The “Chemin des Cimes” in Alsace, a one kilometer trail in the heart of the forest of the Northern Vosges, offers visitors the opportunity to discover an imposing landscape at 30 meters high.
From a 360 degree terrace, visitors can see the Vosges, the Black Forest and even, on a clear day, the cathedral of Strasbourg, located 70 km away. The path, nestled in the heart of the Vosges du Nord forest, has a gentle 6% slope.
“The route takes us gradually from 5 meters to 20 meters high before finishing at the highest point, the panoramic tower at 30 meters,” said Laurence Lacalmontie, marketing manager of EAK France, the German company EAK that created the concept in 2011. There are already 10 other trails of this type in Europe, but the one in Drachenbronn (Lower Rhine) is the first in France.
The path allows you to walk at the height of these giants. You can smell the scents of the conifers, touch the bark of towering treesLaurence Lacalmontie, marketing manager of EAK France
To reach the entrance of the site, some will choose the small train chartered especially from the parking lot, while the more athletic will prefer a first 45-minute walk through the “Vasgovie”, a lush Franco-German forest where fir, spruce and beech trees are found side by side. These trees are the real stars of the “Chemin des Cîmes”.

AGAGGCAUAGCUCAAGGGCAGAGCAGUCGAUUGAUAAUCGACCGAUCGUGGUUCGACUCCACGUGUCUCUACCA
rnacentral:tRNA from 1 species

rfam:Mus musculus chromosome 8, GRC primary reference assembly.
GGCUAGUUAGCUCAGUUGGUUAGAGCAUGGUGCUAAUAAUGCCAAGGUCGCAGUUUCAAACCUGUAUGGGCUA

The path is sprinkled with signposts allowing visitors to learn more about the squirrels and lynxes that make up the biosphere of the Northern Vosges, a “world reserve” classified by UNESCO. If the 15 euro entrance fee per adult may seem a bit expensive for a tour completed in less than an hour (especially if the weather is not good), families will find their money’s worth with a fee of 35 euros regardless of the number of children.
There’s a descent inside a 75-meter long slide to come down from the panoramic tower and finish the visit in the middle of this oasis of tranquility surrounded by trees. For its first year of operation, EAK’s French subsidiary hopes to welcome 180,000 visitors.
The journey includes mobile and trilingual (French, English, German) learning panels with information around sustainable development.